I'm on the Chet Atkins Diet. Pass the BBQ, please. (rik) Wed 26 May 04 18:56
Thank you, Martin. That's the way it looks to me, too.
Gary Greenberg (gberg) Thu 27 May 04 05:44
Some of your remarks earlier make me think that you are pessimistic about the prospects for the end of prohibition. In your chapter on the subject, you mention two conditions that maight be necessary to reform. "Reformers would have to address the ideology of abstinence itself..." and, quoting Ethan Nadelmann, "If we win the battle over kids and drugs, we win drug policy reform." Can you expand on this here? What is "the ideology of abstinence." Do you think it is a problem or are you relaying what reformers think? I'm assuming that there is a difference between abstinence itself and the ideology of abstinence, but I'm not sure what the latter is. (Heck, maybe I don't even know what the former is.) ANd what way of addressing it would bring us to reform? And what is this battle over kids and drugs?
David Crosby (croz) Thu 27 May 04 09:30
isn't the prohibition at least as far as marijuana is concerned being encouraged / payed for largely by the liquor lobby who I believe know full well that pot is a better high and doen't kill you ( as booze definately does ) and worst of all for them ....is free ...you can grow it in your back yard ....a terrifying proposition to them ?......
I'm on the Chet Atkins Diet. Pass the BBQ, please. (rik) Thu 27 May 04 09:36
"...payed for largely by the liquor lobby". Worse than that, David. Almost all of the funding for the "Partnership for a Drug-Free America" comes from the three pillars of legal drugs. Alcohol, tobacco, and pharmaceuticals. And that's the way they control the debate in such a way that the damage they do to society doesn't even get brought up, much less compared to that done by the prohibited drugs.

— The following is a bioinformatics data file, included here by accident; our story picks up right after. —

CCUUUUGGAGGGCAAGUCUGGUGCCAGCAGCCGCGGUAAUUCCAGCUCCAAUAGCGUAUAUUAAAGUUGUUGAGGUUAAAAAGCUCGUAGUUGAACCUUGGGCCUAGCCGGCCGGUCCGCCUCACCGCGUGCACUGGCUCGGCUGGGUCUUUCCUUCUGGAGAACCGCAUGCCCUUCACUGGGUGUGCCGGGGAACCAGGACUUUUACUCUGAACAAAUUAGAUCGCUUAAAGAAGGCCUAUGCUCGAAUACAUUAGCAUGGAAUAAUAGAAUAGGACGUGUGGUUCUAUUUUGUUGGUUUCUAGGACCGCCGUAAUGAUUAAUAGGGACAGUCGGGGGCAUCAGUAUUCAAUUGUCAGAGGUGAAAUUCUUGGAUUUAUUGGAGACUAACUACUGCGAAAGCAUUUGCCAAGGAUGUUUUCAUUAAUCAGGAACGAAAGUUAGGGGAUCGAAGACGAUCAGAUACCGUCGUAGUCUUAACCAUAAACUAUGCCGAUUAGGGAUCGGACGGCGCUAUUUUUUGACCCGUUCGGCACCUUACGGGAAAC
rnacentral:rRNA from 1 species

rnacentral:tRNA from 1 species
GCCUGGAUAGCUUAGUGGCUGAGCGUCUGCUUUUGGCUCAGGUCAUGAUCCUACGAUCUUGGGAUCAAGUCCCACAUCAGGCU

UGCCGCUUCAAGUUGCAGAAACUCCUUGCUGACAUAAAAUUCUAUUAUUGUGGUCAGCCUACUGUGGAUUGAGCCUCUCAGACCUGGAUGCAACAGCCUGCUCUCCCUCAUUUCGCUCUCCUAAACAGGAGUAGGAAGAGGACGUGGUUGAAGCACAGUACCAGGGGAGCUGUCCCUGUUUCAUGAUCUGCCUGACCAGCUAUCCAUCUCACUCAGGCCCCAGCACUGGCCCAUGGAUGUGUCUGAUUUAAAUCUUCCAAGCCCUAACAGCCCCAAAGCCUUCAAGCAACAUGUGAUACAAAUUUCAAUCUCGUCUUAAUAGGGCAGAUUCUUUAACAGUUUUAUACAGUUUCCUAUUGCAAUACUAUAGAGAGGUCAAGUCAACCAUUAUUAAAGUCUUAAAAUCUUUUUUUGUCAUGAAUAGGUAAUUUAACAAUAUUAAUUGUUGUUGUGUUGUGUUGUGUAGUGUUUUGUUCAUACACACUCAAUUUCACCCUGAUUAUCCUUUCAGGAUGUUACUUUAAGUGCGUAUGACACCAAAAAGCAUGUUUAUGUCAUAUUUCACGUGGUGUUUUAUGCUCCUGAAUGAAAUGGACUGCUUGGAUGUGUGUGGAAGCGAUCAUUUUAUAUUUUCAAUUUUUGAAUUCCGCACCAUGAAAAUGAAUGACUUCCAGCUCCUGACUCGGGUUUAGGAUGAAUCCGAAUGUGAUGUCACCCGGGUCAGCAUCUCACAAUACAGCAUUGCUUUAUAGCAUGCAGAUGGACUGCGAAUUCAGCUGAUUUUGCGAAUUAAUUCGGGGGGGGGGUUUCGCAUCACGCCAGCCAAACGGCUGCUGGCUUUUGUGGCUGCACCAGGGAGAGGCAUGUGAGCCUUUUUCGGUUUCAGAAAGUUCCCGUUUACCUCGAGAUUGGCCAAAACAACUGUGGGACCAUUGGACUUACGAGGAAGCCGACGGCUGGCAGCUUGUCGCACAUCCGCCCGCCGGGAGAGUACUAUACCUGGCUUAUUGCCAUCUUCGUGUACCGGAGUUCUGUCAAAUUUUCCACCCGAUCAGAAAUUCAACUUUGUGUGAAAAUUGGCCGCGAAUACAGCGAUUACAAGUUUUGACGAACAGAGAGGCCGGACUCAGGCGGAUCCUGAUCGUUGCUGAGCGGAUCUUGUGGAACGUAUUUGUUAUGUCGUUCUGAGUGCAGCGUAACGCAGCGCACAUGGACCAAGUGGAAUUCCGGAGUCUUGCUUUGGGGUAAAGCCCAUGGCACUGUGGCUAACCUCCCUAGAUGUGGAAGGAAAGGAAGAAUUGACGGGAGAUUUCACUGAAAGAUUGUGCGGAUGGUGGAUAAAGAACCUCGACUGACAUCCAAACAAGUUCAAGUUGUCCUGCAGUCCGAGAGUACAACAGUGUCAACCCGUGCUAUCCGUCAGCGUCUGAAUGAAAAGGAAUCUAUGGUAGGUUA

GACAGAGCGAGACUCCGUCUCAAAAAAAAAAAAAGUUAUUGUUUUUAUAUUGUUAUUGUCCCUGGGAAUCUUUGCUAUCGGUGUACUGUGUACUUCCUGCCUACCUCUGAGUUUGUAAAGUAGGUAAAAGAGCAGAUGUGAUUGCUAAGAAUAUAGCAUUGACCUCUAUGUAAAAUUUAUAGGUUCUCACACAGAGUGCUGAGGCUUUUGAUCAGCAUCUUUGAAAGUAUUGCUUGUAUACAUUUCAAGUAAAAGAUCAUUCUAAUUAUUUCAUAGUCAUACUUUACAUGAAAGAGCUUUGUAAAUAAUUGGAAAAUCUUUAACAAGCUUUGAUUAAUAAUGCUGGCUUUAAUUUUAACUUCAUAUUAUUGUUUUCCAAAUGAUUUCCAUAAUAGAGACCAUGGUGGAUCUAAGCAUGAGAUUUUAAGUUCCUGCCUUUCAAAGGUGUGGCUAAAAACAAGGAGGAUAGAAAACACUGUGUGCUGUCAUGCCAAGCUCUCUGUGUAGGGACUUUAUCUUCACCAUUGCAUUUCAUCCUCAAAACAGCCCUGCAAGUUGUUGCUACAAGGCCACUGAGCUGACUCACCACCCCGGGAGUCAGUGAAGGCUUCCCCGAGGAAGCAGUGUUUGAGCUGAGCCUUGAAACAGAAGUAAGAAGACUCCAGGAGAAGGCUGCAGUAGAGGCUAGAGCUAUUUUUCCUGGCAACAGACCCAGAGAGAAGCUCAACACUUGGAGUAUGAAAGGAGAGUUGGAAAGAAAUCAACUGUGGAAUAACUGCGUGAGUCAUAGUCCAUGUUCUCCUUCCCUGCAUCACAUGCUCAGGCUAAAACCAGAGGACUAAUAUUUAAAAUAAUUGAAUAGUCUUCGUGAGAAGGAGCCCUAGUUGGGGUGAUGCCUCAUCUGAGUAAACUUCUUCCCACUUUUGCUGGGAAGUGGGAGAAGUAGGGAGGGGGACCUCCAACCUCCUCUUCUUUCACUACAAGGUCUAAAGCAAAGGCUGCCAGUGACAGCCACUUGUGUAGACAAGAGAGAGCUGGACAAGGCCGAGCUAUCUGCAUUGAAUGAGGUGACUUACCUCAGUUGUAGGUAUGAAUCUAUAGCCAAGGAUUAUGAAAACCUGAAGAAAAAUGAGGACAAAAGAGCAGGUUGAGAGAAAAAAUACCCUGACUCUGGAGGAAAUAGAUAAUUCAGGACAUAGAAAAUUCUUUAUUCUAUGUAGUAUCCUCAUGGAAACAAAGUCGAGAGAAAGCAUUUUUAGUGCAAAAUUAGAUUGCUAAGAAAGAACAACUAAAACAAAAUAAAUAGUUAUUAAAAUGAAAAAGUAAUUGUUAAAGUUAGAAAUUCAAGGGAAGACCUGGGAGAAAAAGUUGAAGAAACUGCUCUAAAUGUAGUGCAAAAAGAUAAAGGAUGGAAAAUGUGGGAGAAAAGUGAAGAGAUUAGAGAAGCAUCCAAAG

Uncle Jax (jax) Thu 27 May 04 12:00
This is true, but the reasons the prohibition continues are more complex than the funding/funders of its propaganda machine.
Robin Russell (rrussell8) Thu 27 May 04 12:37
Yes, no doubt it is a useful component of the control apparatus as well.
Gary Greenberg (gberg) Thu 27 May 04 16:16
>Almost all of the funding for the "Partnership for a Drug-Free America" comes from the three pillars of legal drugs. Not anymore. That was true when PDFA started up, and it was always a project of the RW Johnson Foundation, whose money comes from Johnson & Johnson. (Incidentally, no one was supposed to know that PDFA was funded this way. Cynthia Cotts, a Village Voice reporter, made a routine request for their NY State tax return and was sent the entire thing, including the list of contributors and what they gave,. which she promptly pubioshed in, I believe, the Nation. A big embarrassment.) But PDFA runs differently now. They still get corporate money, although after Cott's article ran they but they have entered into an unholy alliance with the Office of National Drug Control Policy (ONDCP), better known as the drug czar's office. ONDCP provides the money--around 165 million dollars this year--for media buys, and ad agencies supply the creative force on a volunteer basis. The overall PDFA advertising effort, they say, makes them the second or third largest ad buyer in the country. The best historical comparison to the PDFA is the War Bond drive of WWII, which was conceived as a propaganda tool that had as an almost incidental outcome the squirreling away of insignificant amounts of money. Like that effort, the PDFA allows corporations, especially the media, to get pr points and viewers/readers to feel good about the war on drugs, to feel like something is being done. Now, I really don't mean this as a conspiracy theory, but this effort is undoubtedly related to the way that the media cover the drug war. Here's an example. I pitched a story to a big magazine with which I have a good relationship and a good track record, and which prides itself on taking on the powers that be. It was the MDMA bogus science story, which for various reasons I had long before it was public. I was turned down because the magazine didn't want to expend any of its "liberal chits" on such a story. The PDFA ads are devastatingly effective, not so much in changing people's minds as in disclosing and reinforcing the consensus. It is very hard for an editor to want to take on this kind of juggernaut.